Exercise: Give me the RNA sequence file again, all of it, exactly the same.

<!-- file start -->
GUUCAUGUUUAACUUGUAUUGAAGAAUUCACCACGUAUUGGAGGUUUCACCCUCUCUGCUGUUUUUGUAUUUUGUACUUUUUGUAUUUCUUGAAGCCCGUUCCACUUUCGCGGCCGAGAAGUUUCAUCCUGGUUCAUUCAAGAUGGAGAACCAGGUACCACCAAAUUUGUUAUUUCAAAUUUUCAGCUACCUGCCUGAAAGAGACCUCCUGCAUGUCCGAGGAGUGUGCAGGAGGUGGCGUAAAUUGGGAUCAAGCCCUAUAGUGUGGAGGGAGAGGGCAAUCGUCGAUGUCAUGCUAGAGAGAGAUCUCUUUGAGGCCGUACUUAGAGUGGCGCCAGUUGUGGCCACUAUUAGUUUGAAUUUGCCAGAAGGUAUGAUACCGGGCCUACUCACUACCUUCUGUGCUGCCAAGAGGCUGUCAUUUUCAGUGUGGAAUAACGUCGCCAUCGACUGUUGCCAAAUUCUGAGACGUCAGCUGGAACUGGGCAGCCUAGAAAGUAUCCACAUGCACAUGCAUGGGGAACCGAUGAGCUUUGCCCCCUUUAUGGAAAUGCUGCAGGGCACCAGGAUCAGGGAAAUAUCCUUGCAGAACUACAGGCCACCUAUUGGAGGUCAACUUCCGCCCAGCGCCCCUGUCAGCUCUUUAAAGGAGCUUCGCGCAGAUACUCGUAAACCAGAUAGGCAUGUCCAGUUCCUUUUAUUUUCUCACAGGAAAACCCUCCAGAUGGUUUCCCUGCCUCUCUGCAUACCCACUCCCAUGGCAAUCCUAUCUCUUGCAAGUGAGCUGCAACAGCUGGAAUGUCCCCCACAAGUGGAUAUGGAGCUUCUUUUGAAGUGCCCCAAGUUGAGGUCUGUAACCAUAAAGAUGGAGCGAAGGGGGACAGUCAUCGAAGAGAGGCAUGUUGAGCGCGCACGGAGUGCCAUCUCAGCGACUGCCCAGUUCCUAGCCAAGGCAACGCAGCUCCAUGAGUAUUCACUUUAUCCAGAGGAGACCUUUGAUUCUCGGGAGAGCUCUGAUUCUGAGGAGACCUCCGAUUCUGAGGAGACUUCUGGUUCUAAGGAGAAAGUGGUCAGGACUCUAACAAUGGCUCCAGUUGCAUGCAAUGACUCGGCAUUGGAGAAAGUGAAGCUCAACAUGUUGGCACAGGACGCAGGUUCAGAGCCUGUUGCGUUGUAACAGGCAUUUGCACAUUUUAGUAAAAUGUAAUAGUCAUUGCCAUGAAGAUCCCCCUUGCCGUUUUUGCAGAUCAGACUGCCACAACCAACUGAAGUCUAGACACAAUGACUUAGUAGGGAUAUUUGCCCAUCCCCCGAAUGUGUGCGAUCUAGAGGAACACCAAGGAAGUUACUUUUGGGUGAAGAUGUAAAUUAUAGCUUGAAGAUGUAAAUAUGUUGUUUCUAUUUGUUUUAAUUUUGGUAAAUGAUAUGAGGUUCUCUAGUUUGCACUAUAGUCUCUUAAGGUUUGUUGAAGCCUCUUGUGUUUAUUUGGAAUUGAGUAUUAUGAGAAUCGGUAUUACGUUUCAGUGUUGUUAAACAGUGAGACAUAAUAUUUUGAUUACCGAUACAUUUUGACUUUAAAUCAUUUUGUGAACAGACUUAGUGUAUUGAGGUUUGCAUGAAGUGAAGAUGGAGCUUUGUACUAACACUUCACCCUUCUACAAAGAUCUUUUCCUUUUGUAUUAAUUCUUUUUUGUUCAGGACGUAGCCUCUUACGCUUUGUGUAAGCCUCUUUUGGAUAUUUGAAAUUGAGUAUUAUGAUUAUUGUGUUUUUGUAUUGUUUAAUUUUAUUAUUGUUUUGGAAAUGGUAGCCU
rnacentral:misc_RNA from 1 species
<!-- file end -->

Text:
GUUCAUGUUUAACUUGUAUUGAAGAAUUCACCACGUAUUGGAGGUUUCACCCUCUCUGCUGUUUUUGUAUUUUGUACUUUUUGUAUUUCUUGAAGCCCGUUCCACUUUCGCGGCCGAGAAGUUUCAUCCUGGUUCAUUCAAGAUGGAGAACCAGGUACCACCAAAUUUGUUAUUUCAAAUUUUCAGCUACCUGCCUGAAAGAGACCUCCUGCAUGUCCGAGGAGUGUGCAGGAGGUGGCGUAAAUUGGGAUCAAGCCCUAUAGUGUGGAGGGAGAGGGCAAUCGUCGAUGUCAUGCUAGAGAGAGAUCUCUUUGAGGCCGUACUUAGAGUGGCGCCAGUUGUGGCCACUAUUAGUUUGAAUUUGCCAGAAGGUAUGAUACCGGGCCUACUCACUACCUUCUGUGCUGCCAAGAGGCUGUCAUUUUCAGUGUGGAAUAACGUCGCCAUCGACUGUUGCCAAAUUCUGAGACGUCAGCUGGAACUGGGCAGCCUAGAAAGUAUCCACAUGCACAUGCAUGGGGAACCGAUGAGCUUUGCCCCCUUUAUGGAAAUGCUGCAGGGCACCAGGAUCAGGGAAAUAUCCUUGCAGAACUACAGGCCACCUAUUGGAGGUCAACUUCCGCCCAGCGCCCCUGUCAGCUCUUUAAAGGAGCUUCGCGCAGAUACUCGUAAACCAGAUAGGCAUGUCCAGUUCCUUUUAUUUUCUCACAGGAAAACCCUCCAGAUGGUUUCCCUGCCUCUCUGCAUACCCACUCCCAUGGCAAUCCUAUCUCUUGCAAGUGAGCUGCAACAGCUGGAAUGUCCCCCACAAGUGGAUAUGGAGCUUCUUUUGAAGUGCCCCAAGUUGAGGUCUGUAACCAUAAAGAUGGAGCGAAGGGGGACAGUCAUCGAAGAGAGGCAUGUUGAGCGCGCACGGAGUGCCAUCUCAGCGACUGCCCAGUUCCUAGCCAAGGCAACGCAGCUCCAUGAGUAUUCACUUUAUCCAGAGGAGACCUUUGAUUCUCGGGAGAGCUCUGAUUCUGAGGAGACCUCCGAUUCUGAGGAGACUUCUGGUUCUAAGGAGAAAGUGGUCAGGACUCUAACAAUGGCUCCAGUUGCAUGCAAUGACUCGGCAUUGGAGAAAGUGAAGCUCAACAUGUUGGCACAGGACGCAGGUUCAGAGCCUGUUGCGUUGUAACAGGCAUUUGCACAUUUUAGUAAAAUGUAAUAGUCAUUGCCAUGAAGAUCCCCCUUGCCGUUUUUGCAGAUCAGACUGCCACAACCAACUGAAGUCUAGACACAAUGACUUAGUAGGGAUAUUUGCCCAUCCCCCGAAUGUGUGCGAUCUAGAGGAACACCAAGGAAGUUACUUUUGGGUGAAGAUGUAAAUUAUAGCUUGAAGAUGUAAAUAUGUUGUUUCUAUUUGUUUUAAUUUUGGUAAAUGAUAUGAGGUUCUCUAGUUUGCACUAUAGUCUCUUAAGGUUUGUUGAAGCCUCUUGUGUUUAUUUGGAAUUGAGUAUUAUGAGAAUCGGUAUUACGUUUCAGUGUUGUUAAACAGUGAGACAUAAUAUUUUGAUUACCGAUACAUUUUGACUUUAAAUCAUUUUGUGAACAGACUUAGUGUAUUGAGGUUUGCAUGAAGUGAAGAUGGAGCUUUGUACUAACACUUCACCCUUCUACAAAGAUCUUUUCCUUUUGUAUUAAUUCUUUUUUGUUCAGGACGUAGCCUCUUACGCUUUGUGUAAGCCUCUUUUGGAUAUUUGAAAUUGAGUAUUAUGAUUAUUGUGUUUUUGUAUUGUUUAAUUUUAUUAUUGUUUUGGAAAUGGUAGCCU
rnacentral:misc_RNA from 1 species